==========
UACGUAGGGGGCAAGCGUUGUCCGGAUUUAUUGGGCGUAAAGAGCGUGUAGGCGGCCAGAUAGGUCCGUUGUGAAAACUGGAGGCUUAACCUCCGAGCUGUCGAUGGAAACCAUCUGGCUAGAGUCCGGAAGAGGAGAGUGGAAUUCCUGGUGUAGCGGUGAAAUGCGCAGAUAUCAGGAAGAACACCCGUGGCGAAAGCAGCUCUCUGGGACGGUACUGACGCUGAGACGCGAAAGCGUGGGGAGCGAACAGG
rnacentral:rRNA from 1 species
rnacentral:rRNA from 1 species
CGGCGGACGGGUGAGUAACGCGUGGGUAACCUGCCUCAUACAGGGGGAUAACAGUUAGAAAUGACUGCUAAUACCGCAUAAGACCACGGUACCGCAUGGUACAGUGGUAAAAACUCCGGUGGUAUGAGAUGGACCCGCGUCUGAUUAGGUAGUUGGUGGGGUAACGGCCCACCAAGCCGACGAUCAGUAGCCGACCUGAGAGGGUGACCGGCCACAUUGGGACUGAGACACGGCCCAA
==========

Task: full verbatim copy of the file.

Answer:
UACGUAGGGGGCAAGCGUUGUCCGGAUUUAUUGGGCGUAAAGAGCGUGUAGGCGGCCAGAUAGGUCCGUUGUGAAAACUGGAGGCUUAACCUCCGAGCUGUCGAUGGAAACCAUCUGGCUAGAGUCCGGAAGAGGAGAGUGGAAUUCCUGGUGUAGCGGUGAAAUGCGCAGAUAUCAGGAAGAACACCCGUGGCGAAAGCAGCUCUCUGGGACGGUACUGACGCUGAGACGCGAAAGCGUGGGGAGCGAACAGG
rnacentral:rRNA from 1 species
rnacentral:rRNA from 1 species
CGGCGGACGGGUGAGUAACGCGUGGGUAACCUGCCUCAUACAGGGGGAUAACAGUUAGAAAUGACUGCUAAUACCGCAUAAGACCACGGUACCGCAUGGUACAGUGGUAAAAACUCCGGUGGUAUGAGAUGGACCCGCGUCUGAUUAGGUAGUUGGUGGGGUAACGGCCCACCAAGCCGACGAUCAGUAGCCGACCUGAGAGGGUGACCGGCCACAUUGGGACUGAGACACGGCCCAA